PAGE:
I'll admit it, I'm passionate about flan - I love making it, eating it and talking about it :-).
And to try and get to the bottom of the flan recipe, we're going to look at 3 aspects of it: the dough, the cream to be poured into it (or apparatus), and the cooking.
1) The pastry
The presence of a dough is what differentiates a french custard tart
from a pastry flan, which has no dough at all. There are no hard and fast rules: you can use any of the following doughs: pâte brisée, sablée, feuilletée or even croissant dough.
Traditionally, shortcrust pastry
is used, but nowadays we don't hesitate to use sweetcrust pastry
(sweeter), puff pastry
(crispier) or croissant pastry
(crunchier and more delicious).
A flan needs to be thick, much thicker than a tart, and you leave it in the fridge while you work on the mixture.
If you choose puff pastry or croissant dough, I recommend sprinkling a little sugar (about 1 tablespoon) in the bottom of the mold before the dough, as it will caramelize during baking and further enhance the crispness of the pastry.
2) The mixture
The milk, egg and sugar mixture of the beginning now gives way to more gourmet appliances: eggs, milk, cream and sugar, and above all cornflour, which thickens the flan to a creamy texture.
Proceed in much the same way as for a crème pâtissière: once all the ingredients have been mixed, put on a low heat, stirring constantly until the mixture thickens slightly to reduce baking time and avoid soaking the pastry base with a too-liquid mixture.
To finish, add a little butter and smooth with a mixer. You can find the recipe for the flan maker here
The basic recipe is a classic vanilla flavor, but you can adapt the recipe to your taste: chocolate
, sesame... among others.
Once you've darkened the mold and prepared the pastry, you might think that all you have to do is pour the pastry into the mold and bake it. This is the case, but there's a trick I strongly recommend: pre-bake the pastry base on its own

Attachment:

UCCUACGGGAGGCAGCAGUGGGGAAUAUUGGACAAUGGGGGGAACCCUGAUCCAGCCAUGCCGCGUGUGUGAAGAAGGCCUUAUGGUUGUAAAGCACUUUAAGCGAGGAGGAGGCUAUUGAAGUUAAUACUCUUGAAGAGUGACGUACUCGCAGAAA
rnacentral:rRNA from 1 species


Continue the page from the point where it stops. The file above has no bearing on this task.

, with a protective layer inside (lentils, marbles, etc.) to keep the base even, for 15-20 minutes.
A flan should always be placed low in the oven, so that the underside cooks more thoroughly.
If you've pre-cooked both the pastry and the appliance, the cooking time for the two together will be shorter, so keep an eye on the color of the pastry to know, and don't be overly influenced by the shaky texture of the appliance, which is already cooked and will solidify as it cools.
The flan and its aberrations
As you can see, it's not a very complicated recipe, but what a result! And above all, what a difference in taste and texture, compared with those poor-quality industrial flans that are unfortunately to be found just about everywhere.
Unfortunately, it's not uncommon to find frozen custards in poor bakeries and other shops, or custards prepared from "mix", i.e. a powder to which milk, or worse, water, is added, to obtain a mediocre mixture which will fill an equally mediocre dough, sometimes made from palm oil...
Of course, these flans are not expensive, which is always suspect, but what a pity for the taste and quality of the products.
To a lesser extent this time, some bakers tend to neglect, or botch up a little, their flan apparatus for economic reasons, and therefore rather top their pastry base with custard than with an apparatus. It's understandable (economically speaking), but it's a shame, because a good bakery should have a good flan.
In a nutshell
To make a good flan, you need :
- The pastry of your choice (no obligation)
- A round mold with high sides (mine is 20 cm long and 4.5 cm high)
- A small amount of powdered sugar
- Pre-bake the pastry on its own
- Pre-bake apparatus
- Bake at the bottom of the oven
It's up to you!
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